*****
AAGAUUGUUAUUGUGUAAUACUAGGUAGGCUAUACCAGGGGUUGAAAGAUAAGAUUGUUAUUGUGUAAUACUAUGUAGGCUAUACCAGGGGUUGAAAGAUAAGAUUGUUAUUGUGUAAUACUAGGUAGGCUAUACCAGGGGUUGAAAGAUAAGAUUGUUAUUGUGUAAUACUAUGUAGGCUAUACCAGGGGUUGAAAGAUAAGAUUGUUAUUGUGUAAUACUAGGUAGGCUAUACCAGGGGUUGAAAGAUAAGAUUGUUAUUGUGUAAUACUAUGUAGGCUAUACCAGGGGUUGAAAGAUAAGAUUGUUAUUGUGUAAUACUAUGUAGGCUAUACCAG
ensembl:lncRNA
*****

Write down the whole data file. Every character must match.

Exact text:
AAGAUUGUUAUUGUGUAAUACUAGGUAGGCUAUACCAGGGGUUGAAAGAUAAGAUUGUUAUUGUGUAAUACUAUGUAGGCUAUACCAGGGGUUGAAAGAUAAGAUUGUUAUUGUGUAAUACUAGGUAGGCUAUACCAGGGGUUGAAAGAUAAGAUUGUUAUUGUGUAAUACUAUGUAGGCUAUACCAGGGGUUGAAAGAUAAGAUUGUUAUUGUGUAAUACUAGGUAGGCUAUACCAGGGGUUGAAAGAUAAGAUUGUUAUUGUGUAAUACUAUGUAGGCUAUACCAGGGGUUGAAAGAUAAGAUUGUUAUUGUGUAAUACUAUGUAGGCUAUACCAG
ensembl:lncRNA